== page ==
I remember taking my first ever yoga class when I was 12 years old. I remember the man talking about “opening your third eye” and all these other weird things I simply didn’t understand or even though I tried really hard I just wasn’t able to do. I think I went to one or two classes, then…and this is why I remember perfectly how old I was. Before going to class one day I got home from school and realized that I had gotten my period for the first time. I skipped class that day. And every day since.
I did yoga a few more times in my life but never got into it. When in Bogota I had injured my back during a class (not yoga class) but went to yoga after a while hoping it would help. I ended up on the floor without being able to get up. I remember exactly the movement, it was going from a downwarddog to a warrior 1. It was terrifying. And although I wasn’t hurt because of yoga I simply became more cautious about it and realized it’s not the holy medicine some people make it out to be (it kind of is though…I’d learn afterwards).
When I moved back to Panama after going to university I got into fitness big time. I wanted to feel more healthy because due to my back injury I stopped doing physical activity for about a year…and I also traveled after university and ate every French fry along the way (no regrets.)
I started crossfit, became curious about nutrition and changed my eating habits. Then, I began paddling competitively and for the next three years most of my time was focused on training. I did yoga once in a while and really enoyed it but never seemed to have to time to do it constantly, it wasn’t a priority although I loved how it made me feel.
At the end of 2016 I decided I was going to finally do the trip to South East Asia I had always dreamed of doing. And, that I was finally going to give yoga priority and attend a yoga retreat somewhere where there were no excuses for not practicing. I did lots of research and found Vagabond Temple in Cambodia. It had raving reviews, and was quite affordable. So, without hesitating I signed up. Originally I wanted to be there for 1-3 months but life happened and things changed. Eventually I had to decide whether stay in my job for an extra month (and earn a lot of money for that one month) or go to Cambodia for the last 2 weeks that the temple would be open. I didn’t even have to think much about it. My mind, my heart, my soul, at this point were breaking from the environment I felt at work and I knew what I needed. So, beginning the 2nd week of May I was on my way to South East Asia!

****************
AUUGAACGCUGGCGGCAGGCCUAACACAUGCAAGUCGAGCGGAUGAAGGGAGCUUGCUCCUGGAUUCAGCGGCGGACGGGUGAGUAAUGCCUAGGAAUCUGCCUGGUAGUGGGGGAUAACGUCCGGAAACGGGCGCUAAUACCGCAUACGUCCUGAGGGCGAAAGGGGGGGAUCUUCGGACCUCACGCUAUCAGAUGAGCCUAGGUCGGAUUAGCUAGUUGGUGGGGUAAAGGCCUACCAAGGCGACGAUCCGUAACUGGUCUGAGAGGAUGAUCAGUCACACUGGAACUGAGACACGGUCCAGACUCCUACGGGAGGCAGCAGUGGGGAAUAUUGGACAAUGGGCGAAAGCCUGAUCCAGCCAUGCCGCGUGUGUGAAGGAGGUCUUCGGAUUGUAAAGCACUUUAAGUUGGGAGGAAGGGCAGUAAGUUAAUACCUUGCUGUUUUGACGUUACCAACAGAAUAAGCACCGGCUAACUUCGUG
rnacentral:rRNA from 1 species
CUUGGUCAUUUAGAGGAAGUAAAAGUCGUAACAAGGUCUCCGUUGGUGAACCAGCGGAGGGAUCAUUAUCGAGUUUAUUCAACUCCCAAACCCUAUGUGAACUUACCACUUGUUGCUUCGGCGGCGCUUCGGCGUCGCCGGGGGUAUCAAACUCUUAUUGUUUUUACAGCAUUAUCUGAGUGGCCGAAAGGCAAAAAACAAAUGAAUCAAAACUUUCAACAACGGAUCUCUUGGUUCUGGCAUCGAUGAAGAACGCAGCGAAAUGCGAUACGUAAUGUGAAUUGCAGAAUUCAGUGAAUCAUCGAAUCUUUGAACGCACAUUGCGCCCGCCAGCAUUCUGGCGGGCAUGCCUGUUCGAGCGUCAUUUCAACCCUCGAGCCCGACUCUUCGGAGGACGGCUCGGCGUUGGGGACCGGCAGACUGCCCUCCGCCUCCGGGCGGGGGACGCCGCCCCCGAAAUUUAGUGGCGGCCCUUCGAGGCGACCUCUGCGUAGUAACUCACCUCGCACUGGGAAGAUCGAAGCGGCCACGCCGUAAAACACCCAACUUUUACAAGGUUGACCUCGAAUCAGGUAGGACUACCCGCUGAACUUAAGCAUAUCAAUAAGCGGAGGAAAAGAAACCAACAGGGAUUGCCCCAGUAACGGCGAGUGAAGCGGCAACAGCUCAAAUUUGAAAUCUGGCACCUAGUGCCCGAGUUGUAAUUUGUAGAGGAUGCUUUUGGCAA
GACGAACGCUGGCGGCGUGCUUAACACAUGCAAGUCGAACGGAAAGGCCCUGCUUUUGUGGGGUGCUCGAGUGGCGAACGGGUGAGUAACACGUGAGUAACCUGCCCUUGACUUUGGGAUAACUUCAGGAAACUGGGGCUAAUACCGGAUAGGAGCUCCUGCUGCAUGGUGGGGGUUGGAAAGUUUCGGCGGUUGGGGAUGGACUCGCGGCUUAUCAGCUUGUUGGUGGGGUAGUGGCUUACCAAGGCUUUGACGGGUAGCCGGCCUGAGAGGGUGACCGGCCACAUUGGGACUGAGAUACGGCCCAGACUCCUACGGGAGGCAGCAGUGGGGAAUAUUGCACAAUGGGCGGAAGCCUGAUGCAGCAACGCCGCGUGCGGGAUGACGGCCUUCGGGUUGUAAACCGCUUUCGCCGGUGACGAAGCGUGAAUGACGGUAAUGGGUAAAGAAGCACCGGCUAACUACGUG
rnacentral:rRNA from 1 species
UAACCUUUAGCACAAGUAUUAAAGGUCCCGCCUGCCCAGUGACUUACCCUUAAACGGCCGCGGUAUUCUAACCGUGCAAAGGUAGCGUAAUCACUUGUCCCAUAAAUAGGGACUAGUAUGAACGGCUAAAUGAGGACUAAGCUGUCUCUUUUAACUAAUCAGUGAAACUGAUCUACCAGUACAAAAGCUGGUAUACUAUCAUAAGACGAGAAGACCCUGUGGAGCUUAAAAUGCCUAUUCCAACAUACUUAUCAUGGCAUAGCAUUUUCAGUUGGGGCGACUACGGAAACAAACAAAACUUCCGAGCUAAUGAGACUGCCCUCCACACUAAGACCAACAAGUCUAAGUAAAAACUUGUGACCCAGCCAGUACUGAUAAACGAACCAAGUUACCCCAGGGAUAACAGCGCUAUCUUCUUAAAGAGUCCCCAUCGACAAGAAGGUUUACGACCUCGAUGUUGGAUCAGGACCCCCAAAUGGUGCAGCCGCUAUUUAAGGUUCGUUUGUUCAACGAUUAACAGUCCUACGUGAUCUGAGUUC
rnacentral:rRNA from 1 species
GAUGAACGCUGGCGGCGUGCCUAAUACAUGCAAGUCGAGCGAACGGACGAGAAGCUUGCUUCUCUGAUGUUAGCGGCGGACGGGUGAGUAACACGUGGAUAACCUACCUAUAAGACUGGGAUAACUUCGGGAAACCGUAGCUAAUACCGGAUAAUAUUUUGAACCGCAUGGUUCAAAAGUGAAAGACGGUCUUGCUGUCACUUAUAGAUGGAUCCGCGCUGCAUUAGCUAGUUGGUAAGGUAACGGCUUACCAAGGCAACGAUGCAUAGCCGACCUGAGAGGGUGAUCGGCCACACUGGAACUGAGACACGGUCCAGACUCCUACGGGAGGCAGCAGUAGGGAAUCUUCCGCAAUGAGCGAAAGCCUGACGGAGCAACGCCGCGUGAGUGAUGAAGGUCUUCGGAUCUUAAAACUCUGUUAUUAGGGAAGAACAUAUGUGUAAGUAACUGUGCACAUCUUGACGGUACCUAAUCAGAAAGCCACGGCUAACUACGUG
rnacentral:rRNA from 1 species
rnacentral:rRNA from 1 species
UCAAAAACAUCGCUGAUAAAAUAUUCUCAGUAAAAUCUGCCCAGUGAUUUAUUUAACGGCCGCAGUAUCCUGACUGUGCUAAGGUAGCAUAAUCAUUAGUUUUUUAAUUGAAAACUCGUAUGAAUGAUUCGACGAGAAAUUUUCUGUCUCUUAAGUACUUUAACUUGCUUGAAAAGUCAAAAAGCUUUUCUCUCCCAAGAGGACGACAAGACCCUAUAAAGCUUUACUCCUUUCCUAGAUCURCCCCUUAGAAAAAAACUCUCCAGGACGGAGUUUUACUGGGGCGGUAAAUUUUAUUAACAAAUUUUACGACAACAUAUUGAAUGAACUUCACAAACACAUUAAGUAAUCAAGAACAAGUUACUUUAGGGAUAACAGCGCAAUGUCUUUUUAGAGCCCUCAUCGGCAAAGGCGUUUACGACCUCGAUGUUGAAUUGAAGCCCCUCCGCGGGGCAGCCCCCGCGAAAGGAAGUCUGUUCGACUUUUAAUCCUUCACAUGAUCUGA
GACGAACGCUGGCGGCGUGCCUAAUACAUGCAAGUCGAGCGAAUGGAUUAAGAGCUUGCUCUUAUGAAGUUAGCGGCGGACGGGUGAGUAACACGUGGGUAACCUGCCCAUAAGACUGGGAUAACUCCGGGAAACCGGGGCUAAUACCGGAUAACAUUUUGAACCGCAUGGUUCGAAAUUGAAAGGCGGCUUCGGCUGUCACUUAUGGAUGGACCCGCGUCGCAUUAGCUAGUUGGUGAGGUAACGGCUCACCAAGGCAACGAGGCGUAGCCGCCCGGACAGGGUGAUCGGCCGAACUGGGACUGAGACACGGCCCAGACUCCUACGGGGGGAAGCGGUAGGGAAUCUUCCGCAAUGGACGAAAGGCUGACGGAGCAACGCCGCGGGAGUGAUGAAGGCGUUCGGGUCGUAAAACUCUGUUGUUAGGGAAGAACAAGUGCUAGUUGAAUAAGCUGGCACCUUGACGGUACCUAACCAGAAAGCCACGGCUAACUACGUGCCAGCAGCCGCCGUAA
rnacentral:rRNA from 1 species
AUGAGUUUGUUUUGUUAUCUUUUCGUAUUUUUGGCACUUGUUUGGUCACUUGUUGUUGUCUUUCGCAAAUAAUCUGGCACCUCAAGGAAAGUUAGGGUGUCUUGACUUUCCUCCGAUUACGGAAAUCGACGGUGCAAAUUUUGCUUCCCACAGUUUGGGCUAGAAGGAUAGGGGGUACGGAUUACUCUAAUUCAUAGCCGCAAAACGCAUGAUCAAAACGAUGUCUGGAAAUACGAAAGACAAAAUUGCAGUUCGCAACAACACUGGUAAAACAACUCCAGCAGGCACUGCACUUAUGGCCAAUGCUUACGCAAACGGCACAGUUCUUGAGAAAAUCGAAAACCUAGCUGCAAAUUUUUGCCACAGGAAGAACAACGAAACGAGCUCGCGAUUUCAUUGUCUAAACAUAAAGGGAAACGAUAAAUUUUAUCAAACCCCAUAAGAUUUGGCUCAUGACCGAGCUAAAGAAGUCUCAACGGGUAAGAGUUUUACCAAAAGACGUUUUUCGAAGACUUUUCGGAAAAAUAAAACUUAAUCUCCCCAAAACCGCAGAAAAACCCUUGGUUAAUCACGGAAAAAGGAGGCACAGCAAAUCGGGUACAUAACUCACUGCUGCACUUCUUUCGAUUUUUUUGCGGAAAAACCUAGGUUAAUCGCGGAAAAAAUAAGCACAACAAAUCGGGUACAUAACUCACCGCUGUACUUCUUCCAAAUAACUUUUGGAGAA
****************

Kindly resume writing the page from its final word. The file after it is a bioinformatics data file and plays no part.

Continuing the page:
I was quite nervous at first because I didn’t know what to expect really but felt incredibly welcome. You can read all about my experience at Vagabond starting here. It was during my time in Vagabond Temple that I got it. I finally understood what yoga was all about and why it is so important in my life now.
It was during my frist week there, not sure if the 2nd or 3rd morning. Mary Sarah was my teacher that day and it was a full on sweaty power yoga. I had mainly done Iyengar yoga which focuses on alignment, it is not fast paced or “flowy” and I had always judged in a way the vinyasa classes because I saw so many people going through it with very improper alignment and there was no time for corrections. So, I was in this class and I felt already frustrated because it was simply not what I liked. But Mary Sarah kept talking throughout the class and what she said simply made something in my head click.
You see, YOGA is not about asanas (postures), it’s not about getting toned arms or abs -those things might come- but if that is what your goal is with yoga then you’re missing out on the most important part of it. Yoga, for me, is the connection between mind and body. It’s about being present, about getting in touch with yourself, accepting the link between our bodies and our emotions, being able to learn from what we do and feel on the mat and put it into perspective of what we do and feel in “real life.” Sure, the headstands and difficult asanas are Instagram picture worthy – because they are a huge accomplishment! And to me, it means I conquered a fear, it means I worked on myself, on my breathing, my strength, my flexibility, and managed to do something new and the most important part of it is that while I do It on the mat I am also doing it in life. In the last 9 months since I’ve began yoga (and no, I don’t necessarily do it every day although I wish I did) I have become stronger, more flexible, more balanced, and I believe with every inch of my being that yoga has helped me or shaped me in a way that I feel more prepared and competent to take some of the decisions I have taken these past months and to cope with some things that life has ‘curveballed’ my way.
You can do yoga anywhere and at anytime. It’s not about having the yoga pants, or the cool mat, or the straps and blocks…you can do yoga in bed in your pjs or wearing a bikini on the beach. It’s not about practicing an hour and a half every morning (although I loved being able to do that!). Yoga is about giving yourself that time to focus on you and you alone, of allowing your body to speak to you and giving it some love, it’s about noticing sensations, feelings, emotions…recognizing that light or soul or “thing” within you and tapping into what it’s saying, or missing. So, whether its 10 min or 3h a day, I recommend you give yourself that gift of time and presence…you won’t regret it.
And last, but not least, yoga has allowed me to meet some of the most amazing, inspiring people from all over the world who have taught me so, so much…I am incredibly thankful.